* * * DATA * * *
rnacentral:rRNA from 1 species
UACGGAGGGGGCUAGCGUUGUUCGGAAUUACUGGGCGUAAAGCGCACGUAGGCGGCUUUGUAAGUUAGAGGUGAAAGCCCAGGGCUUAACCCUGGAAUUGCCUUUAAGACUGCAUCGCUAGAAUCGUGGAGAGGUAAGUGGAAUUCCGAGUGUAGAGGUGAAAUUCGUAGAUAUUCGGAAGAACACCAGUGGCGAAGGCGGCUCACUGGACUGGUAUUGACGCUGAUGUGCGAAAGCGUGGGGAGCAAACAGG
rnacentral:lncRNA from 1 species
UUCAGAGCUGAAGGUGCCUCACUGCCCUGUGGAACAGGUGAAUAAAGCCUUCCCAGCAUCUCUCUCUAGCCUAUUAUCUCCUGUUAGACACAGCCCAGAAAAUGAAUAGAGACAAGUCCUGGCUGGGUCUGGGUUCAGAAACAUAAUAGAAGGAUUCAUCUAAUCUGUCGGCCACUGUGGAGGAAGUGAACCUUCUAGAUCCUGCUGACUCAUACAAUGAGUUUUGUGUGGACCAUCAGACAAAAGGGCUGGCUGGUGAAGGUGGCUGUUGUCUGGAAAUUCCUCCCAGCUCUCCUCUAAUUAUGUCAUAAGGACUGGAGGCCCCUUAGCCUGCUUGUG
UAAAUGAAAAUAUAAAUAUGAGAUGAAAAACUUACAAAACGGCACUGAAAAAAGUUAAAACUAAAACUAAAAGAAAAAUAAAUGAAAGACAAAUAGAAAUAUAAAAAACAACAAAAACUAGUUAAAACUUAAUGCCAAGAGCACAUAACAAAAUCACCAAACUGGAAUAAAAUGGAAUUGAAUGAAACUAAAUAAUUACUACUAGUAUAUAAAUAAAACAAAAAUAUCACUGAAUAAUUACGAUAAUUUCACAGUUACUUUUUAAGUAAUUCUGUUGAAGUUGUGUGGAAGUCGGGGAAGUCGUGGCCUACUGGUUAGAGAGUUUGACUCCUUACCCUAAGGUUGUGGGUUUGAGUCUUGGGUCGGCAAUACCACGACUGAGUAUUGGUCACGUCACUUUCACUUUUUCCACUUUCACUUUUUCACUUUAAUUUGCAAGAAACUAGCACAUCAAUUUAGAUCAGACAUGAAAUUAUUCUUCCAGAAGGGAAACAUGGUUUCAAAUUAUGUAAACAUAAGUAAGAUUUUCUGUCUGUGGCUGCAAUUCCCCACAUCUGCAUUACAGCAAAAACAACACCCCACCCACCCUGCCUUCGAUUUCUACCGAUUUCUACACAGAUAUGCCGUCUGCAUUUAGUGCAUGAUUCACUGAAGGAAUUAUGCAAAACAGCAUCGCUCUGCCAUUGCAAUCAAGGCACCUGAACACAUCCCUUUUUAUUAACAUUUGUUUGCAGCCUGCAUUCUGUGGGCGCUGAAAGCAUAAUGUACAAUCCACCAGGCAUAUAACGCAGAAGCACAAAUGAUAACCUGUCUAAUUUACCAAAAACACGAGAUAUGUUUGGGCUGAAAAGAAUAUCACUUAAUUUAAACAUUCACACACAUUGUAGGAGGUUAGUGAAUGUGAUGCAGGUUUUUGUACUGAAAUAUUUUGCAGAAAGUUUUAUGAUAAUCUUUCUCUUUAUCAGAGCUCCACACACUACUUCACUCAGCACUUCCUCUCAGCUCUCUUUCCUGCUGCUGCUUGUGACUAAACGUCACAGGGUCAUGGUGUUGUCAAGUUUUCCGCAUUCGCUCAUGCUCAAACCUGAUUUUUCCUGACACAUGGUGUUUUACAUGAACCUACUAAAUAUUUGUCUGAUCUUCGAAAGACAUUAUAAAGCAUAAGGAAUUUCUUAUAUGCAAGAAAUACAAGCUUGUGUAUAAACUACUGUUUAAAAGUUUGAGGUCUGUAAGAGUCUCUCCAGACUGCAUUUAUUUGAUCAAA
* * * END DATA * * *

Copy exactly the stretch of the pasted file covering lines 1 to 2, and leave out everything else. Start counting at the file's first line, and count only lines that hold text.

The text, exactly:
rnacentral:rRNA from 1 species
UACGGAGGGGGCUAGCGUUGUUCGGAAUUACUGGGCGUAAAGCGCACGUAGGCGGCUUUGUAAGUUAGAGGUGAAAGCCCAGGGCUUAACCCUGGAAUUGCCUUUAAGACUGCAUCGCUAGAAUCGUGGAGAGGUAAGUGGAAUUCCGAGUGUAGAGGUGAAAUUCGUAGAUAUUCGGAAGAACACCAGUGGCGAAGGCGGCUCACUGGACUGGUAUUGACGCUGAUGUGCGAAAGCGUGGGGAGCAAACAGG